When residents in North Lawndale sat down a few years to devise a quality of life plan for the impoverished neighborhood, one thing on the top of their list was a brand-new school with a focus on math, science and technology.
But then reality hit. Community groups were told by Chicago Public Schools officials that the existing elementary schools – all of them severely under-enrolled with few a couple hundred students each– were sucking up all the resources, said Betty Allen-Green, a co-chair of the Lawndale Community Action Council, an advisory board convened by the school district.
Now, these groups say they want the school district to strike a deal with them. They say they are willing to see three elementary schools close, but in exchange, they want a state-of-the-art school. They want to call it the North Lawndale STEAM Partnership Academy.
Allen-Green said she and others know that closing schools is controversial and some will fight it. Scars caused by the closing of 50 schools in 2013, including some in North Lawndale, remain.
“We feel that it’s worth it if we are bringing in a school to North Lawndale [where] each of our children will receive a rigorous high-quality education,” said Allen-Green, who spent 18 years as a principal at Herzl, a school in North Lawndale.
If this happens, the three elementary schools — Sumner, Lawndale and Crown — would be the first schools closed by Mayor Lori Lightfoot. When she was running for office, Lightfoot said she was going to put a moratorium on school closings, but did not say for how long.
Chicago Public Schools officials are not yet saying if they will support the plan. In a statement, officials say they are “committed to listening to members of the North Lawndale community who are seeking to strengthen their schools.”
Officials said forums are being planned where they will be able to gauge the opinions of parents of the schools that would close.
But the community proposal is exactly what CPS CEO Janice Jackson has said she supports for underutilized schools. Under former Mayor Rahm Emanuel, Jackson closed four schools in Englewood and replaced them with a new $85 million high school, which opened last year.
When asked at the grand opening of the Englewood school last year, what she was going to do about other underutilized schools across the city, Jackson said “what Englewood represents is the path forward to correcting some of that.”
Jackson connected the under-enrolled schools in neighborhoods like Englewood with the fact that many students travel to other areas schools they perceive as better. She said creating new, better options locally could potentially prevent families from leaving their neighborhoods.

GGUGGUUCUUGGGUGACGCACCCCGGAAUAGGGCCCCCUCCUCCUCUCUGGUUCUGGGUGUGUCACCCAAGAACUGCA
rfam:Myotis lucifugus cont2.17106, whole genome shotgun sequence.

About half of Chicago Public Schools have significantly more space than is needed for their students, according to the most recent data from the 2020 school year. In North Lawndale, all nine of its elementary schools have small student populations and are severely underutilized.
Some argue it is inefficient to have buildings, an administrative team and support staff for just a few hundred students.
Allen-Green said the community groups were told by CPS officials that North Lawndale’s schools are being drained of resources because so much money is being spent on infrastructure. CPS schools are funded on a per-pupil basis so fewer students means fewer dollars to operate with.
Allen-Green said the Lawndale Community Action Council and the North Lawndale Community Coordinating Council concluded it would be better for some of those resources to be spent on a new school.
They spent a lot of time looking into different types of schools and concluded they wanted it modeled after a STEM school located on the campus of Aurora University. It is a teaching school where students get a lot of hands-on experiences.
Sherry Eagle, who is the former director for Aurora University’s Institute for Collaboration, said the Aurora school is a special place and that North Lawndale students could benefit from the type of education offered there.
“We believe that careers in the future will be focused on the areas that have a foundational base of the understanding of mathematics and science,” she said.
Several colleges at the University of Illinois at Chicago, like engineering and nursing, have committed to support the proposed North Lawndale STEAM Partnership Academy. Also, the groups have identified 22 other partners, including companies like Caterpillar and local businesses, like Cinespace Chicago.